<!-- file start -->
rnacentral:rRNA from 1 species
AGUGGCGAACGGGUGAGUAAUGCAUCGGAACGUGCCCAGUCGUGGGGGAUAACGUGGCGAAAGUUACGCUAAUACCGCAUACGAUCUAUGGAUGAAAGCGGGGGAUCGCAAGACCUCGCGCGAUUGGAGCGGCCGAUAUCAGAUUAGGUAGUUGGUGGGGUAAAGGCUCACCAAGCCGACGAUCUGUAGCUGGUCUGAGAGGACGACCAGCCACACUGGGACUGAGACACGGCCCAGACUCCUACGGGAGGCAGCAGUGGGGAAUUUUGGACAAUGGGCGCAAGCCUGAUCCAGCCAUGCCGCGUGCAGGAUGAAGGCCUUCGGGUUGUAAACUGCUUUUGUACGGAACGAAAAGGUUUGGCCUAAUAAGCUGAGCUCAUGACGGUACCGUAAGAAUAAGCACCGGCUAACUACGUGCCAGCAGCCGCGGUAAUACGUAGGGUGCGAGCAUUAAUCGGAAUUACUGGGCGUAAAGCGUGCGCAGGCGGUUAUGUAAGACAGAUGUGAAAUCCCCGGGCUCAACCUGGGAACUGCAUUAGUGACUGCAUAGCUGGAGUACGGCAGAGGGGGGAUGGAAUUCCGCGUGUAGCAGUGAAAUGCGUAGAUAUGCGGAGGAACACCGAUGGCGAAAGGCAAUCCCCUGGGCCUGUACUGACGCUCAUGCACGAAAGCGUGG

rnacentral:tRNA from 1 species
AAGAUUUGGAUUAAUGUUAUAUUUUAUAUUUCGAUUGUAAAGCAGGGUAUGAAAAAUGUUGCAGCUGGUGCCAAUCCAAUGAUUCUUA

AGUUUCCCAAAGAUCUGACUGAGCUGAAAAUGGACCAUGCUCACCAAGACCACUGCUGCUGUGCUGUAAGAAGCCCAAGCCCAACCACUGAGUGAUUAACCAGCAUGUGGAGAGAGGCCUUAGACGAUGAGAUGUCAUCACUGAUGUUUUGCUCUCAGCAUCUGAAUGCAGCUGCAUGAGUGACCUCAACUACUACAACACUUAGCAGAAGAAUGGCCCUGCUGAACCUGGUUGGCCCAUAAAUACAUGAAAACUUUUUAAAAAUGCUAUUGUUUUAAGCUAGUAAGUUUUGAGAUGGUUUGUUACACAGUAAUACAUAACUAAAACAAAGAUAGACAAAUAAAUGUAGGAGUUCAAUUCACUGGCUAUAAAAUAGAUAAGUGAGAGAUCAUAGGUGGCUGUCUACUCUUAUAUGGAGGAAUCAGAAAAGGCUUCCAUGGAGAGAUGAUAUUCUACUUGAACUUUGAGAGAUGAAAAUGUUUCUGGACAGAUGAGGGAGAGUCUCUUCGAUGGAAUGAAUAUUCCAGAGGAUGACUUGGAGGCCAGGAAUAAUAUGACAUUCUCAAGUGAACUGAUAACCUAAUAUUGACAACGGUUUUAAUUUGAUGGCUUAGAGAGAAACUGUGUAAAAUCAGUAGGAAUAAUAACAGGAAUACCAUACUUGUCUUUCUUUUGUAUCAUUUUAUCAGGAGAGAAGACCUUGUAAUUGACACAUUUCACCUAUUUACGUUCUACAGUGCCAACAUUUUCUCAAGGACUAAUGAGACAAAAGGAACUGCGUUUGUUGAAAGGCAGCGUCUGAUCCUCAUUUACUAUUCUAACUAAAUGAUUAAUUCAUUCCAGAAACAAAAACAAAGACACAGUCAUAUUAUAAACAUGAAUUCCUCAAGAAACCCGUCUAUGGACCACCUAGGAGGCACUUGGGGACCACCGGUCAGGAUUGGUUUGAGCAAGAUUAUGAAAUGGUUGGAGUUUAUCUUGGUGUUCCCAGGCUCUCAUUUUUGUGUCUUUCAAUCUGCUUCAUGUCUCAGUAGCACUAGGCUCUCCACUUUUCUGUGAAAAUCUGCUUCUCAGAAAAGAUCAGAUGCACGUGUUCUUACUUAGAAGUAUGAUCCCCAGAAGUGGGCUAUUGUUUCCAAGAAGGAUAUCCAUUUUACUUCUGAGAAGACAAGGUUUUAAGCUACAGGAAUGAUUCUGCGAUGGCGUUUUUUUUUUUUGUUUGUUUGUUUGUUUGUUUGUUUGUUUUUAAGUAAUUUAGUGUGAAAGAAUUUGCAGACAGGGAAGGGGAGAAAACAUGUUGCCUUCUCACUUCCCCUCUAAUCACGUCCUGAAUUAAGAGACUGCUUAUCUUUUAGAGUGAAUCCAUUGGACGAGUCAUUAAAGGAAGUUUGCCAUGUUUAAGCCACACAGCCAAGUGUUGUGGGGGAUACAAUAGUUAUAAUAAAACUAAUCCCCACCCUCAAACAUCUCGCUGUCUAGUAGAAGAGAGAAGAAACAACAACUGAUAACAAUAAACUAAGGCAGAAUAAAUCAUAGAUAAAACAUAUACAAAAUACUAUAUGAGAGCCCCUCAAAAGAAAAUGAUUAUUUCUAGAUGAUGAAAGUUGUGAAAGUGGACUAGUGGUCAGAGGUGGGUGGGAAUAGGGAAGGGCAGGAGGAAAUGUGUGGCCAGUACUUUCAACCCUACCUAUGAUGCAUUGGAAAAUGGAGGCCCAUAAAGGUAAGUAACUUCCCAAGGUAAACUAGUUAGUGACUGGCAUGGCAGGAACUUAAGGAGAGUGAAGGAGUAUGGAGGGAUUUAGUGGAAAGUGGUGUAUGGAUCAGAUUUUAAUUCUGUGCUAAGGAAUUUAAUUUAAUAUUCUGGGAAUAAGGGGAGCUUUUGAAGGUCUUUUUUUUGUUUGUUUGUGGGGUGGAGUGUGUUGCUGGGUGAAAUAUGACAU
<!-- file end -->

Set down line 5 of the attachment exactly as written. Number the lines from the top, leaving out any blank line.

AGUUUCCCAAAGAUCUGACUGAGCUGAAAAUGGACCAUGCUCACCAAGACCACUGCUGCUGUGCUGUAAGAAGCCCAAGCCCAACCACUGAGUGAUUAACCAGCAUGUGGAGAGAGGCCUUAGACGAUGAGAUGUCAUCACUGAUGUUUUGCUCUCAGCAUCUGAAUGCAGCUGCAUGAGUGACCUCAACUACUACAACACUUAGCAGAAGAAUGGCCCUGCUGAACCUGGUUGGCCCAUAAAUACAUGAAAACUUUUUAAAAAUGCUAUUGUUUUAAGCUAGUAAGUUUUGAGAUGGUUUGUUACACAGUAAUACAUAACUAAAACAAAGAUAGACAAAUAAAUGUAGGAGUUCAAUUCACUGGCUAUAAAAUAGAUAAGUGAGAGAUCAUAGGUGGCUGUCUACUCUUAUAUGGAGGAAUCAGAAAAGGCUUCCAUGGAGAGAUGAUAUUCUACUUGAACUUUGAGAGAUGAAAAUGUUUCUGGACAGAUGAGGGAGAGUCUCUUCGAUGGAAUGAAUAUUCCAGAGGAUGACUUGGAGGCCAGGAAUAAUAUGACAUUCUCAAGUGAACUGAUAACCUAAUAUUGACAACGGUUUUAAUUUGAUGGCUUAGAGAGAAACUGUGUAAAAUCAGUAGGAAUAAUAACAGGAAUACCAUACUUGUCUUUCUUUUGUAUCAUUUUAUCAGGAGAGAAGACCUUGUAAUUGACACAUUUCACCUAUUUACGUUCUACAGUGCCAACAUUUUCUCAAGGACUAAUGAGACAAAAGGAACUGCGUUUGUUGAAAGGCAGCGUCUGAUCCUCAUUUACUAUUCUAACUAAAUGAUUAAUUCAUUCCAGAAACAAAAACAAAGACACAGUCAUAUUAUAAACAUGAAUUCCUCAAGAAACCCGUCUAUGGACCACCUAGGAGGCACUUGGGGACCACCGGUCAGGAUUGGUUUGAGCAAGAUUAUGAAAUGGUUGGAGUUUAUCUUGGUGUUCCCAGGCUCUCAUUUUUGUGUCUUUCAAUCUGCUUCAUGUCUCAGUAGCACUAGGCUCUCCACUUUUCUGUGAAAAUCUGCUUCUCAGAAAAGAUCAGAUGCACGUGUUCUUACUUAGAAGUAUGAUCCCCAGAAGUGGGCUAUUGUUUCCAAGAAGGAUAUCCAUUUUACUUCUGAGAAGACAAGGUUUUAAGCUACAGGAAUGAUUCUGCGAUGGCGUUUUUUUUUUUUGUUUGUUUGUUUGUUUGUUUGUUUGUUUUUAAGUAAUUUAGUGUGAAAGAAUUUGCAGACAGGGAAGGGGAGAAAACAUGUUGCCUUCUCACUUCCCCUCUAAUCACGUCCUGAAUUAAGAGACUGCUUAUCUUUUAGAGUGAAUCCAUUGGACGAGUCAUUAAAGGAAGUUUGCCAUGUUUAAGCCACACAGCCAAGUGUUGUGGGGGAUACAAUAGUUAUAAUAAAACUAAUCCCCACCCUCAAACAUCUCGCUGUCUAGUAGAAGAGAGAAGAAACAACAACUGAUAACAAUAAACUAAGGCAGAAUAAAUCAUAGAUAAAACAUAUACAAAAUACUAUAUGAGAGCCCCUCAAAAGAAAAUGAUUAUUUCUAGAUGAUGAAAGUUGUGAAAGUGGACUAGUGGUCAGAGGUGGGUGGGAAUAGGGAAGGGCAGGAGGAAAUGUGUGGCCAGUACUUUCAACCCUACCUAUGAUGCAUUGGAAAAUGGAGGCCCAUAAAGGUAAGUAACUUCCCAAGGUAAACUAGUUAGUGACUGGCAUGGCAGGAACUUAAGGAGAGUGAAGGAGUAUGGAGGGAUUUAGUGGAAAGUGGUGUAUGGAUCAGAUUUUAAUUCUGUGCUAAGGAAUUUAAUUUAAUAUUCUGGGAAUAAGGGGAGCUUUUGAAGGUCUUUUUUUUGUUUGUUUGUGGGGUGGAGUGUGUUGCUGGGUGAAAUAUGACAU